Re: Is the Swastika evidence of a common origin?
Gerry Palo (firstname.lastname@example.org)
Wed, 22 Jan 1997 00:01:38 GMT
In article <email@example.com>,
Dan Moore <firstname.lastname@example.org> wrote:
>Apologies if I screwwed up the atributions, but I think I got them right.
>In article <paloE4Bwpz.18E@netcom.com>, email@example.com says...
>Gerry Palo said:
>>>}The Philistine needs to learn that there are different kinds of literal
>>>}truth than those that apply only to gross matter. Pictures of this kind
>>>}are meant to enlighten just such folks, all of us really, if they will
>>>}only open their eyes and minds to new possibilities.
>Steve Pridgeon <firstname.lastname@example.org> wrote:
>>>So is the chest hair really there, or do you just have to believe in it?
>Gerry Palo said:
>>Are these the only possibilities you can think of? (From your remarks so
>>far, I am afraid they are.) Didn't you ever read about symbolism in one of
>>your school classes, perhaps in an art course? The artist's arrangement
>>of the hair would be considered a symbolic gesture to indicate a spiritual
>>truth in pictorial form. We are talking here about the meaning of the
>>hooked cross beyond its use by the Nazis. Why is this so difficult for
>>you to understand?
>If you are going to cross-post to a gaggle of science groups
>you are just going to have to expect that a bunch of flaming
>agnostic types are going to take pot shots at your symbolic
>constructs. Would you expect us to do less? The symbolic
>constructs you are defending aren't in the world of matter
>and energy and are immune to objective observation and rational
>interpretation, and therefore, are not the subject of science.
>Around here you are going to have to produce a hairy kid or blow.
First, I take no responsibility for the original distribution of the post
to which I responded on one of the religion groups. Second, I don't
expect agnostic types to believe everything I believe, but at the same
time I expect them to hold to their position of agnosticism, which is one
of "not knowning." If they are also scientific, they will be willing to
consider all alternatives and not make absolute dogmatic statements.
Third, an agnostic or even an atheist should be able to understand the
elements of artistic symbolism without having to believe in what it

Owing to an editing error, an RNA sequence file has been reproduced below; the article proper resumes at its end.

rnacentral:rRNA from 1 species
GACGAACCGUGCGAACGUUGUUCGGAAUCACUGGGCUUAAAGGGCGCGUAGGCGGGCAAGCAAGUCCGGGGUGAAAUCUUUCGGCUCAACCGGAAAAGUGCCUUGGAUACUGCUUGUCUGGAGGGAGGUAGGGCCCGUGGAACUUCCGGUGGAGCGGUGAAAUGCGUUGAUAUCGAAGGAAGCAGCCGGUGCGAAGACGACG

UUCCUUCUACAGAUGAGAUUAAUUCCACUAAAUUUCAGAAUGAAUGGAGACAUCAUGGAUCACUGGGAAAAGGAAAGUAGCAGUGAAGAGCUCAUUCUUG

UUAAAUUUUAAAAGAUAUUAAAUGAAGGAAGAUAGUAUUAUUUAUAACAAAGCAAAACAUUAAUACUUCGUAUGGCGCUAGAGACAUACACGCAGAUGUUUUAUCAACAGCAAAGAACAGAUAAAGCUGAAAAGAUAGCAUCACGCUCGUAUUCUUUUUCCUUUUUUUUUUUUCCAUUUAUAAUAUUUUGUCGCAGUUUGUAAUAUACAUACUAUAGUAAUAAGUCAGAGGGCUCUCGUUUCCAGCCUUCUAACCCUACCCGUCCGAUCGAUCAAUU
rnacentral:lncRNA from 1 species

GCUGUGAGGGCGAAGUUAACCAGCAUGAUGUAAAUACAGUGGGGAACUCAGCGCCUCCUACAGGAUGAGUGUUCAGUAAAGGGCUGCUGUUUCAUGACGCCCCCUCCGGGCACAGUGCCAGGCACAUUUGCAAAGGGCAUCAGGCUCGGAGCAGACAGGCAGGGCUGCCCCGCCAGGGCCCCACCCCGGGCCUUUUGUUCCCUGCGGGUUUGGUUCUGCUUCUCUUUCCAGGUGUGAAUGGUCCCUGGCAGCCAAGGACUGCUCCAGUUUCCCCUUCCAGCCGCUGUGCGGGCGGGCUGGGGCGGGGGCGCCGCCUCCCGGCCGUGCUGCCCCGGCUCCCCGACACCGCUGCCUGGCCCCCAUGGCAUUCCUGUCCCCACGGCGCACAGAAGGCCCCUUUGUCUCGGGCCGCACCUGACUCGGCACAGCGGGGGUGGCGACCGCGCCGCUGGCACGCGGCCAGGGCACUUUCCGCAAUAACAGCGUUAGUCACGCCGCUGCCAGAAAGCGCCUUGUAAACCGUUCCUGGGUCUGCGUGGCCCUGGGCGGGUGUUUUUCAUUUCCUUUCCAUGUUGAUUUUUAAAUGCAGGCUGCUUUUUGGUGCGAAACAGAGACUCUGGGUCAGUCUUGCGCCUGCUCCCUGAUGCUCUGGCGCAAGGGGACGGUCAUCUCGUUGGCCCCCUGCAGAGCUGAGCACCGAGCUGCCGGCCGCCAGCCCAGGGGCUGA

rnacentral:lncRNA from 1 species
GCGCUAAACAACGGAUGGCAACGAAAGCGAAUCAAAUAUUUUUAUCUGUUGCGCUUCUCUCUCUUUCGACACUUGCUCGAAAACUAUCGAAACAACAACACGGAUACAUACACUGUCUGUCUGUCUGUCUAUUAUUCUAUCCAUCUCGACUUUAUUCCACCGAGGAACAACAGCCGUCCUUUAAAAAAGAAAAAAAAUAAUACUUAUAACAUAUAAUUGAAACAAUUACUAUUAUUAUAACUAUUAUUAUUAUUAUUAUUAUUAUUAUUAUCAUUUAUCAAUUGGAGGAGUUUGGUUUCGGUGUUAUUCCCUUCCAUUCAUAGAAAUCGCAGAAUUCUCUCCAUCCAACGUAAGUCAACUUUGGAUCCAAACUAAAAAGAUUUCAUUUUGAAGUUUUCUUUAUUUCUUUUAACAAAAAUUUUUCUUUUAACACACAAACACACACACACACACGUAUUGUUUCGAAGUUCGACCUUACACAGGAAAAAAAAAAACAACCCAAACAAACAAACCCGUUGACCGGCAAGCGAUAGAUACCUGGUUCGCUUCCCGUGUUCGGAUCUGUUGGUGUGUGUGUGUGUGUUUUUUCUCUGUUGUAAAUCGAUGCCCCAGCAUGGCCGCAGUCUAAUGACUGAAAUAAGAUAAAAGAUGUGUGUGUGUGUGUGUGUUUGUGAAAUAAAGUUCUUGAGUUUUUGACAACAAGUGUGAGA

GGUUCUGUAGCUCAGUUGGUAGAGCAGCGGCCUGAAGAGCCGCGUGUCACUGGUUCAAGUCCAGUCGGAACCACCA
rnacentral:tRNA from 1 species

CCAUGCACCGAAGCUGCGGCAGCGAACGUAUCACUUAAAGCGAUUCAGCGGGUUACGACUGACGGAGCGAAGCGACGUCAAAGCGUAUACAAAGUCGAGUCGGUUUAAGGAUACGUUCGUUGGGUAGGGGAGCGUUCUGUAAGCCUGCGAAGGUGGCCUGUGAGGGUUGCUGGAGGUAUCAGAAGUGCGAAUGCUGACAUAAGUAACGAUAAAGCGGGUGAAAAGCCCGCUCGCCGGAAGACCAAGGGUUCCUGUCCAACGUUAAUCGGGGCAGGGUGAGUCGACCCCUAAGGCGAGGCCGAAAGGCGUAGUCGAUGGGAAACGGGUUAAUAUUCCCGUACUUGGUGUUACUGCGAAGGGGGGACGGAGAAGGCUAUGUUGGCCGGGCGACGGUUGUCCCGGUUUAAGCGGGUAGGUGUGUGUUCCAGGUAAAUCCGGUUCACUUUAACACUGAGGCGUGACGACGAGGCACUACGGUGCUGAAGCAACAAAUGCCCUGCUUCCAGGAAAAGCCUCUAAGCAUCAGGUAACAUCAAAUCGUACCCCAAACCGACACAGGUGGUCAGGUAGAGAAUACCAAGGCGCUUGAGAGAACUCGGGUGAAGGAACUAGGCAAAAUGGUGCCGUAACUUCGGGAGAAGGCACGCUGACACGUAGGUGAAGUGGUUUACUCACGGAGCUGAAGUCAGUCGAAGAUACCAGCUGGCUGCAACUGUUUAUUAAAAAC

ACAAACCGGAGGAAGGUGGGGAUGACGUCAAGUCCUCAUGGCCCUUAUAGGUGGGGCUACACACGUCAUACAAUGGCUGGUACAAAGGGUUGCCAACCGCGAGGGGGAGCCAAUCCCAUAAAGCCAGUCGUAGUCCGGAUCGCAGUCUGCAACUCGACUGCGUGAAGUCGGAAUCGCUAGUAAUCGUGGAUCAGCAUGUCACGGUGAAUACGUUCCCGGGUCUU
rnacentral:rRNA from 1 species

symbolizes. The absurd argument about the baby Buddha having literal
chest hairs is the equivalent of saying that Renaissance painters and the
devout believers who observed their paintings really believed that saints
went around with metal rings suspended over their heads or that angels
have human bodies to which are attached bird's wings, sans the muscles
necessary to operate them. Or for that matter you could argue that
geometricians believe that lines are material and have thickness, because
they draw them so in their geomoetry books.
Finally, I would point out that I myself, though not being a Buddhist,
offered a possible explanation of the Buddhist use of the swastika in the
way indicated. It seems to me that the highly touted openminedness of
some "agnostic and scientific types" is highly exagerated.
And Steve Pridgeon -- of whom I might well ask, why was he (as well as
you) cross-posting to a religious newsgroup? -- comes across not as an
agnostic but as a dogmatic materialist. The subject was one of the
history of a symbol and its meaning. Even the most materialistic historian
would grant the legitimacy of considering what other people thought of
such symbols in ancient and modern times. Only a materialist who is
terribly insecure in his world view would take umbrage at a discussion
like this. And a true agnostic would take seriously his position that he
does not know.
Well different strokes for different folks, but in this marketplace of
ideas it is not always possible to avoid offending some people.
Gerry Palo Denver, Colorado